Holi is one of India’s most famous festivals and for good reason: the vivid colors. Like most travelers, I had seen photos of this joyous festival being celebrated everywhere from New York City to London. I knew I wanted to experience Holi firsthand, but in a respectful manner that acknowledged its religious roots. What better place to do that in India itself?
Marking the end of winter and the arrival of spring, Holi also celebrates the triumph of good over evil. Legend has it Hiranyakashipu, a demon lord, ordered everyone to worship him. His son Prahalad refused and continued worshipping Lord Vishnu. After failing to kill his son for defying his orders, Hiranyakashipu enlisted the help of his sister Holika. Since she was immune to fire, she carried her nephew Prahalad onto a pyre with her and set it on fire. Her plan failed and Prahalad survived while she was burned to death.
Despite having Hindu origins, everyone joins in on this national holiday, which normally falls during March. Large public celebrations take place in temples throughout India. Children spray water guns and throw water balloons, while adults smear colored powdered on each others faces.
1-2 days before to the big day, bonfires start appearing in the streets. Representing the pyre that destroyed Holika, residents gather to burn items from the previous year and celebrate the death of evil spirits.
As exciting as Holi looked, I had also read that it’s best experienced in a group for safety reasons. This was certainly a selling point of the India group trip I booked; Holi was a central part of the itinerary.
Due to COVID-19, the Indian tourism board cancelled the Holi celebration for tourists. Fortunately, the trip organizers found an alternative: a local celebration at Govind Dev Ji temple, located inside Jaipur’s City Palace complex.
As I mentioned in my previous post, Dos and Don’ts of Group Travel in India, I knew this experience was going to push me outside my comfort zone. I’d have put aside my introversion and let go of my expectations for personal space and go with the flow.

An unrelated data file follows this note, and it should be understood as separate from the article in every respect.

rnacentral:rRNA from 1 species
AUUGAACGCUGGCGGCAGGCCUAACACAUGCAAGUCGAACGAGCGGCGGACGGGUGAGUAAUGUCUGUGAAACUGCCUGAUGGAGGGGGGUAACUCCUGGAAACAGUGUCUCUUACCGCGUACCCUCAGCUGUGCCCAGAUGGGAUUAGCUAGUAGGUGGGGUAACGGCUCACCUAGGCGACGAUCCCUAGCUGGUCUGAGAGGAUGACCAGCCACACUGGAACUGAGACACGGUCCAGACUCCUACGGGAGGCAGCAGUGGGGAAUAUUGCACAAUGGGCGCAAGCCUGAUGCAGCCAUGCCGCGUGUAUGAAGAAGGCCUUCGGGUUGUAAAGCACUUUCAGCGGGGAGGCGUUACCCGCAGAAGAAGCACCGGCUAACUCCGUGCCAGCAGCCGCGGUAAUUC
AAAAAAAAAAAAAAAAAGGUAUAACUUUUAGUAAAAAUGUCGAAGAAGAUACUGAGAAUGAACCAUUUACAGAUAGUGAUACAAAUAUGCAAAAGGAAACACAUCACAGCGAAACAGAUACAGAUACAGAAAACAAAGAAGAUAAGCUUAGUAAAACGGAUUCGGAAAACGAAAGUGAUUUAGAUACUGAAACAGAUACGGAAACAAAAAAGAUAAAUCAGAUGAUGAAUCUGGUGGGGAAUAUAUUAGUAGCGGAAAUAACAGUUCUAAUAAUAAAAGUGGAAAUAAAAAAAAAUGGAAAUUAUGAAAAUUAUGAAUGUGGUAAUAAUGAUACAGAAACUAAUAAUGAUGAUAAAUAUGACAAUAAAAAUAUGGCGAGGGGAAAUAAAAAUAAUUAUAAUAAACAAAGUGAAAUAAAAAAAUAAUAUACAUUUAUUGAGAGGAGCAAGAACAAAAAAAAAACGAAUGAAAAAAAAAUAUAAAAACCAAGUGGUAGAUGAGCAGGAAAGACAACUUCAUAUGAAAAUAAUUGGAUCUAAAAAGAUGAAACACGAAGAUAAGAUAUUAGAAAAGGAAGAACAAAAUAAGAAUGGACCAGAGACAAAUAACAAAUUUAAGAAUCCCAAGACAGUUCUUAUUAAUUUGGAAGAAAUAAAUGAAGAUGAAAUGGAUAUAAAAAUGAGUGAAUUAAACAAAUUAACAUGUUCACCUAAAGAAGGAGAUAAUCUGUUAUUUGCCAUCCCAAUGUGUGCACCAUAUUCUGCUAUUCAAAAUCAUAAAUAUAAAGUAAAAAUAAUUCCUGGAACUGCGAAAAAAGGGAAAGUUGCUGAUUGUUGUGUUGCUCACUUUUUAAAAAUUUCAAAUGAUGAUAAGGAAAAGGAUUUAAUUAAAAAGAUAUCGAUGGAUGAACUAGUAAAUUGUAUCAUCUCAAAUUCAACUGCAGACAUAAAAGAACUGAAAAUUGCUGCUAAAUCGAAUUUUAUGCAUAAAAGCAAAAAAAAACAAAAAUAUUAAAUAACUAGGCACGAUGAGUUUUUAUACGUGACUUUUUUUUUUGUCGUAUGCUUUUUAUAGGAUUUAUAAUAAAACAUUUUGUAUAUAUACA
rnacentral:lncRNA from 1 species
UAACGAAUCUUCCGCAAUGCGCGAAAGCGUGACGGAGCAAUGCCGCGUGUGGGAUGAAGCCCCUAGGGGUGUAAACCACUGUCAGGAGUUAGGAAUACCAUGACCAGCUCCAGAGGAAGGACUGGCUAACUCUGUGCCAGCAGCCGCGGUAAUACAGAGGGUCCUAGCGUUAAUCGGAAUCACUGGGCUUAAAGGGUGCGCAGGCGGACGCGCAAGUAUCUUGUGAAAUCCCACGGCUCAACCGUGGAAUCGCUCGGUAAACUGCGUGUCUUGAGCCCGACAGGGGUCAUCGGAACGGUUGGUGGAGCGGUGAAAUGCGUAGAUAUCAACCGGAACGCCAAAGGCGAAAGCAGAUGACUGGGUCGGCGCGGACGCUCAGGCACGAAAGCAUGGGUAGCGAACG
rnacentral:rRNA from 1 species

I was wary at first as strangers walked up to me and proceeded to coat my face with colored powder. My apprehension soon dissipated, however, as I saw their smiling faces. I warmed up to the festivities, enjoying the chorus of “Happy Holi!” around me as we made our way closer to the temple. Inside the temple the crowd got even thicker, with singing, dancing, and drumming as plumes of red, purple, yellow, and blue powder flew up in the air.
As one of my trip-mates pointed out, it was quite lovely to see everyone gently spread color on each other’s faces. The excitement in the air was palpable, and the warm welcome our group received was also apparent. In such an exuberant atmosphere, it felt wrong to deny selfie requests. I decided to take photos with the local residents, perhaps as my way of saying thank you for allowing us to join in the festivities.
Unfortunately, my experience was soured by one young man. After adding some color to face, he proceeded to head south to my chest. I wasn’t the only person who experienced this in my group; groping is one of the risks of attending public Holi celebrations. I highly recommend female travelers attend Holi in a group, ideally at a private celebration. While this violation certainly angered me (I was ready to go back to the hotel afterward), I’m still glad I got to participate in India’s vibrant festival of colors.
Visit my India Instagram highlight for more footage I captured during this fun, colorful holiday.
2 thoughts on “My Holi Experience in India”
Good article, thanks for sharing this wonderful information
Thanks! Glad you found it helpful.